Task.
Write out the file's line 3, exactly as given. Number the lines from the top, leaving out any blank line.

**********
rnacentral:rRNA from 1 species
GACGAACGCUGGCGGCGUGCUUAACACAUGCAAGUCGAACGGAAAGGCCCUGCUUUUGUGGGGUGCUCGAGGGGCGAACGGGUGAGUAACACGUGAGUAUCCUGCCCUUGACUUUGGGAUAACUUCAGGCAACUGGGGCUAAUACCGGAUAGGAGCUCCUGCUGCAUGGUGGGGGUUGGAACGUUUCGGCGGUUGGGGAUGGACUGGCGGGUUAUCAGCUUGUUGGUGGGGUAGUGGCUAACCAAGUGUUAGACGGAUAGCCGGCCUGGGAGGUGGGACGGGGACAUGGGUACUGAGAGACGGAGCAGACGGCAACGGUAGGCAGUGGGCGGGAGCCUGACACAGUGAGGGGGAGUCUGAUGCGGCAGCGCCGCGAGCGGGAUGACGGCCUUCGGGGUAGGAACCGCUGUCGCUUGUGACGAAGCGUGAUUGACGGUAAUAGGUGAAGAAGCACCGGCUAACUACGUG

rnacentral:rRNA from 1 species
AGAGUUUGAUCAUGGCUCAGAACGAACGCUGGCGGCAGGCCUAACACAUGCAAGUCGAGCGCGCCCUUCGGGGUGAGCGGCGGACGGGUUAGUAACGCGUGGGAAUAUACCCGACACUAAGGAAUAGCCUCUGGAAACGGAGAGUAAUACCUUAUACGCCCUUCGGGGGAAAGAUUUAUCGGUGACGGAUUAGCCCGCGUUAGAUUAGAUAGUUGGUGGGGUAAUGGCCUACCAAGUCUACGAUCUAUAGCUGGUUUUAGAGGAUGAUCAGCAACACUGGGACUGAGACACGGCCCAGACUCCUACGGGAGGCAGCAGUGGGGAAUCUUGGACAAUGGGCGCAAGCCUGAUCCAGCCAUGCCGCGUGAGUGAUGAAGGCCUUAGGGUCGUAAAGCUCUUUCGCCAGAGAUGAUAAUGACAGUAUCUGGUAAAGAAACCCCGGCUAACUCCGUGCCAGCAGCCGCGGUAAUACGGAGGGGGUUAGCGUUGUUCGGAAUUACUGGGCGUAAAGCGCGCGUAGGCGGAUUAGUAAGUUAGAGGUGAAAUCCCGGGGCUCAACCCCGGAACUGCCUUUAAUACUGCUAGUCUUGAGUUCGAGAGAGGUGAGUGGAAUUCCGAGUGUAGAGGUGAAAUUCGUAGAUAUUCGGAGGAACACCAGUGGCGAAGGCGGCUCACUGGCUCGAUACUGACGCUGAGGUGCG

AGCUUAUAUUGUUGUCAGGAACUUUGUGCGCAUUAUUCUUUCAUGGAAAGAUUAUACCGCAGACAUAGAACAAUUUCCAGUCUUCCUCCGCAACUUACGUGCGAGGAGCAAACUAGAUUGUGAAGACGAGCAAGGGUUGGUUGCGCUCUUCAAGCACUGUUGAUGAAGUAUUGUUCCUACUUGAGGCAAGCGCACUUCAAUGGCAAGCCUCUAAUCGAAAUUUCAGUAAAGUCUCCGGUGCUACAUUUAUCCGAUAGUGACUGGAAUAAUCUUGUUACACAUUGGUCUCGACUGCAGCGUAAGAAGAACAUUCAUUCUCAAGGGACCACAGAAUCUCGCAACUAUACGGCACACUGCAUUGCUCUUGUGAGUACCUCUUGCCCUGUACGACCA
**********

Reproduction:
rnacentral:rRNA from 1 species